“Right now on the Internet you have another unarmed African American who was murdered this week — or killed this week,” Booker said in reference to Crutcher’s death at the hands of a Tulsa police officer. “From the video that I saw, even with the way he was being referred to, I mean there is this dehumanization going on on the audio, and people seem to be more outraged by an NFL player taking a knee than the murder or killing of an unarmed black man.”
With much of the US press focused on the daily images of barbarity coming out the lands occupied by the Islamic State in Iraq and Syria (ISIS), the brutal practices of the real Islamic State, Saudi Arabia, receive scant attention. The reasons for this are as sickening as they are obvious: a major oil supplier to the West and a nation that casts itself as the mortal enemy of Shia Iran has been courted and coddled by the US since the end of WWII to keep domestic gas prices low.
The United States maintains a special relationship with the Saudi Dynasty that contradicts every ideal America stands for. Nobody should hold his breath waiting for the US media or government to finally and thoroughly expose the draconian policies of the desert kingdom, but President Obama does have the opportunity in one case to pressure the Saudis into granting amnesty to Ali-Mohammad al-Nimr and thereby earn a small part of his 2009 Nobel Peace Prize. In a recent interview with the Guardian, al-Nimr’s mother pleaded that Obama has the power to “interfere and rescue my son.”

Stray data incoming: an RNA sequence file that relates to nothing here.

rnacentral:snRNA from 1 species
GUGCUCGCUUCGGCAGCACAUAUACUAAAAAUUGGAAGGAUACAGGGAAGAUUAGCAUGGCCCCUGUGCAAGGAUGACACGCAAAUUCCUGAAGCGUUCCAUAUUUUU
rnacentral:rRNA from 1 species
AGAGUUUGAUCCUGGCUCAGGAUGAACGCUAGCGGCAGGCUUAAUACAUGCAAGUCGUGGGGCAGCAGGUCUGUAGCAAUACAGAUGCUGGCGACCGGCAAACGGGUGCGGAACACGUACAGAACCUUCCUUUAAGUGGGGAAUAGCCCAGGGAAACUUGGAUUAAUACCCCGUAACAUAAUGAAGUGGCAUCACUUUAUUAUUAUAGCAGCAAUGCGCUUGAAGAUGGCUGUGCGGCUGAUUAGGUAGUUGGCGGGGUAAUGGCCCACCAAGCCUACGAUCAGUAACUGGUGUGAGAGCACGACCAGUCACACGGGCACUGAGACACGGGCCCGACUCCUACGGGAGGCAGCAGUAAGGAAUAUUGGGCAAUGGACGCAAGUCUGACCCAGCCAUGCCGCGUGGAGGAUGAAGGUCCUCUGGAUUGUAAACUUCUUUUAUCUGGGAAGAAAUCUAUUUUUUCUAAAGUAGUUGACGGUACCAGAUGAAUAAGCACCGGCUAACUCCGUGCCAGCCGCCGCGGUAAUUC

The Saudi government convicted al-Nimr – 17 at the time – of possessing firearms while protesting for Shia rights in 2012. But it is clear that is not the only reason the young man is sentenced to be beheaded and crucified. His uncle is the prominent dissident Shia cleric Nimr al-Nimr who has also been sentenced to death for criticizing the Saudi State.
If the United States is ever to devise and implement an effective Middle East policy a reevaluation of its relationship with Saudi Arabia will be essential. Standing up for al-Nimr is vital in this regard. By pressuring the Saudis to pardon al-Nimr, Obama can win three immediate victories important to this reevaluation. First, he could portray himself as a seeker of justice in the spirit of his Nobel. Second, he could win some goodwill amongst those Shia the Saudis have repressed for generations. Lastly, his actions could open a dialogue in the US media that might educate the American public to crimes that are committed with its tacit support.
Since the US media and government rarely reprimand the Saudis, the American people have little understanding of the grave human rights abuses that take place daily in the kingdom. According to Amnesty International, the Saudis executed 102 people in the first six months of 2015. Death by sword beheading – often public – is the preferred punishment for adultery, homosexuality, and witchcraft (basically, not having radical Sunni Wahhabi beliefs). Children and the mentally handicapped do not escape the sword.
The kingdom is set to execute a young man for participating in the Arab Spring as a 17-year-old—and the Obama administration has admitted it’s not going to do a thing about it.
By Jay Michaelson
An Islamic regime in the Middle East may soon behead a young man and hang his corpse up for display. ISIS? Iran? No—America’s ally Saudi Arabia. And because it’s the Saudis, the Obama administration’s silence has been deafening.